Doctors are urging women to avoid so-called natural hormone replacement therapy because of health concerns surrounding the therapy.//
The therapy, also referred to as bio-identical hormones, has led to elevated hormone levels in some women who underwent that therapy. This in turn could lead to excessive bleeding, blood clots and increased risk of breast and uterine cancer.
According to Dr John Eden, director of the Sydney Menopause Centre at Randwick's Royal Hospital for Women, he had referred two cases of uterine cancer in patients who had been taking natural hormone replacement therapy, to the Therapeutic Goods Administration in the past year alone.
Dr Eden has alleged that these "handmade hormones" were synthesized by compounding chemists without proper scrutiny. In spite of the process being legal, it is beyond the regulatory control of the TGA and state-based pharmacy boards.
He said, "There's a whole stack of women being treated out there with handmade hormones. It's untested hormone replacement therapy.Many women think they are getting a herbal treatment and are shocked to learn they are getting a hormone treatment."
Professional Compounding Chemists of Australia, one of the NHRT's major wholesalers, defended the practice, citing an exemption in the TGA Act that allows the preparation of medicines for individuals.
However, PCCA has acknowledged in a written statement that there was no formal testing of the products.
In the statement they said, "Since compounded products are made on an individual basis according to the needs of a specific patient, it is not possible to test each product before supply to a patient without making the cost prohibitive. Many pharmacies do test samples of products that are made frequently."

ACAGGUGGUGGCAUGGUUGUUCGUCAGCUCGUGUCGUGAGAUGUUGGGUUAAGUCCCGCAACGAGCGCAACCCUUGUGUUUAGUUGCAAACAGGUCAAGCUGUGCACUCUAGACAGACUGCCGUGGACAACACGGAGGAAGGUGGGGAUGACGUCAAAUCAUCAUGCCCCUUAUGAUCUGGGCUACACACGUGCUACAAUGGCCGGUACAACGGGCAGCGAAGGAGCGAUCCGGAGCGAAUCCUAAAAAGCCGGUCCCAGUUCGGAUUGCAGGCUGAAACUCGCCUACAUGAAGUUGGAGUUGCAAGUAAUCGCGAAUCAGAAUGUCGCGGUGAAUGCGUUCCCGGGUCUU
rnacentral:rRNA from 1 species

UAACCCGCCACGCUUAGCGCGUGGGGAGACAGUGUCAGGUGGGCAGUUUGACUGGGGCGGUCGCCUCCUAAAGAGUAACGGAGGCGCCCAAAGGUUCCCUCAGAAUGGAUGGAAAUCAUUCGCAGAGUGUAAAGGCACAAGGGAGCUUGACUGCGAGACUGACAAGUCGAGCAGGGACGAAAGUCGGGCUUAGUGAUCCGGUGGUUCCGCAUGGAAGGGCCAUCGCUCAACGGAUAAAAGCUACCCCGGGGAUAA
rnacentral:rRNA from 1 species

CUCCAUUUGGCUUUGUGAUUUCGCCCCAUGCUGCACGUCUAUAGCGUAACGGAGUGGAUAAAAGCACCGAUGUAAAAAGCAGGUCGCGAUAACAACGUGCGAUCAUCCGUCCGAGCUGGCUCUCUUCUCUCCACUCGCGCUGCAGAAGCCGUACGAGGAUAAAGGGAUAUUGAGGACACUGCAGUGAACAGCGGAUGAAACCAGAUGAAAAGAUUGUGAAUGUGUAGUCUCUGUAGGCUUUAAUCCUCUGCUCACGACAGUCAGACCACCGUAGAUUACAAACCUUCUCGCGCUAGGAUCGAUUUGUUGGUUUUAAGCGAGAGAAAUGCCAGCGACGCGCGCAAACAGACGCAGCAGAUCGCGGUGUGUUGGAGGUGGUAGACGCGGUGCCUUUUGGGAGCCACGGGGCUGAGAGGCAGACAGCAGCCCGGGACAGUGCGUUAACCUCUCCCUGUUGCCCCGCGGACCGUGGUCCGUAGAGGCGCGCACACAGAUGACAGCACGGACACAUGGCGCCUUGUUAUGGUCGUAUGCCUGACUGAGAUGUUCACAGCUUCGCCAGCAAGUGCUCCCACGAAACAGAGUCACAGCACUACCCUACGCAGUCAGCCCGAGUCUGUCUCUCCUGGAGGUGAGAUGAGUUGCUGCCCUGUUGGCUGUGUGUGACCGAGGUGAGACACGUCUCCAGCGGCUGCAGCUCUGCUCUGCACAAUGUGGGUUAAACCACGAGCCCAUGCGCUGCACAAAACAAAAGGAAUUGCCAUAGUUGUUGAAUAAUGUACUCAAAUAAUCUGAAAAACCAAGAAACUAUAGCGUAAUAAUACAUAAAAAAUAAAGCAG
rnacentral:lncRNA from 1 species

These chemists usually make the medication in the form of troches, or lozenges, with the hormones absorbed through the lining of the mouth.
estrogen and progesterone obtained from yams or soy and prepared in laboratories is present in the NHRT. In addition NHRT can also include the male hormone testosterone that has not been approved in Australia for use on women.
Certain therapies even include thyroid hormone, the controversial sex steroid pregnenolone as well as a steroid called DHEA, that converts to testosterone and is banned from manufacture in Australia.
Dr Helena Teede, research director at Australia's leading women's health organization, the Jean Hailes Foundation has said that many women were not aware that these preparations were not approved by the TGA.
She said, "There has been very limited research into these preparations and women taking the compounds are essentially guinea pigs."
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